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Activists Ready to "Awake The State"

Floridians will mark the opening day of the 2016 legislative session with a series of rallies across the state. (Damien Filer/Progress Florida)
Floridians will mark the opening day of the 2016 legislative session with a series of rallies across the state. (Damien Filer/Progress Florida)
January 11, 2016

TALLAHASSEE, Fla. - As lawmakers prepare to return to the capitol this week, hundreds of people across the state want to make sure their voices are heard on the issues they believe matter most.

From Medicaid expansion to income inequality and immigrant rights, people across Florida plan to voice their concerns tomorrow in what's become an annual tradition for the first day of the legislative session.

Damien Filer, political and communications director with Progress Florida, says the series of rallies known as "Awake The State" began in 2011 when Gov. Rick Scott first took office and unveiled a budget many considered to be an attack on the middle class.

"People across Florida, who really had never been politically active or engaged before, really wanted to have a voice and find a way to make it known that this government wasn't representative government," says Filer.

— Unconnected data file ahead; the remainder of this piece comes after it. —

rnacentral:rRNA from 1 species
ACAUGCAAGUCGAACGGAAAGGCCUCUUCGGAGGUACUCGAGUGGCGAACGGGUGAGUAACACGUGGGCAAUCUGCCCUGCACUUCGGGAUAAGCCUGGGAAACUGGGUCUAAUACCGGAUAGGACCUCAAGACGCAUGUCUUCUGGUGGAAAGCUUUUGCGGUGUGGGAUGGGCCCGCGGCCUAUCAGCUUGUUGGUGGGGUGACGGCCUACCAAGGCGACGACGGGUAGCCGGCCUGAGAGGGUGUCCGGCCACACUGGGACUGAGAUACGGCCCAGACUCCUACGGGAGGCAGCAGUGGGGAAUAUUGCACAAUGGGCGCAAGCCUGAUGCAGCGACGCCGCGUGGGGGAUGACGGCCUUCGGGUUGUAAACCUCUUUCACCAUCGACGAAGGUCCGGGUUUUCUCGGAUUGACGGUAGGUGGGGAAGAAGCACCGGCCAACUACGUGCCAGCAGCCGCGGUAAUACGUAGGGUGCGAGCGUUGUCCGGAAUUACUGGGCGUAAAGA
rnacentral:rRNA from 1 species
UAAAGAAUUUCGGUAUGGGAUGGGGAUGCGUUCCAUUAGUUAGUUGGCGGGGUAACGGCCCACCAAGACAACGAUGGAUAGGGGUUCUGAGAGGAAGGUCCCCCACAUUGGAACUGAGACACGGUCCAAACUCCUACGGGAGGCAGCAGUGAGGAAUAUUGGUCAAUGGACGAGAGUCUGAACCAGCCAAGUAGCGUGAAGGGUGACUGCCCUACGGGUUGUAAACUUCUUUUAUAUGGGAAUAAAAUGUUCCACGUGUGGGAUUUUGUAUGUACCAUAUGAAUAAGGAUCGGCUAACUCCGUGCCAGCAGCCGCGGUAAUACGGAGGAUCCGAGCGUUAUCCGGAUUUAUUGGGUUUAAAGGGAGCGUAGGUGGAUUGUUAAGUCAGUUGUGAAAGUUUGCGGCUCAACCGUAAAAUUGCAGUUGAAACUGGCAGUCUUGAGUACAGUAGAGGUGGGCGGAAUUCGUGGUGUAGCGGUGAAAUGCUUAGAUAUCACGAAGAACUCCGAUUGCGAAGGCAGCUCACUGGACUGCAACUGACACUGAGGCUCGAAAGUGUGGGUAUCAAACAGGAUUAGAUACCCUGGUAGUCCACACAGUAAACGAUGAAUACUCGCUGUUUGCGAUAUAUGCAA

Organizers say the peaceful, grassroots movement has gained momentum each year. Protests and rallies will take place in communities across the state on Tuesday. More information is at AwakeTheState.com.

Filer says he's encouraged by the growing number of people turning out for these events. He says if Floridians don't feel the state budget reflects their values, they have a responsibility to let their representatives know how they feel.

"I don't think we have the luxury of looking away from the political process after we've completed our responsibility as voters," says Filer. "It's very important for them to understand that people are paying attention, that we're watching, that we're concerned."

The 2015 legislative session was marked by gridlock, with lawmakers at an impasse over health-care funding and unable to reach a deal on the state budget.

Mona Shand, Public News Service - FL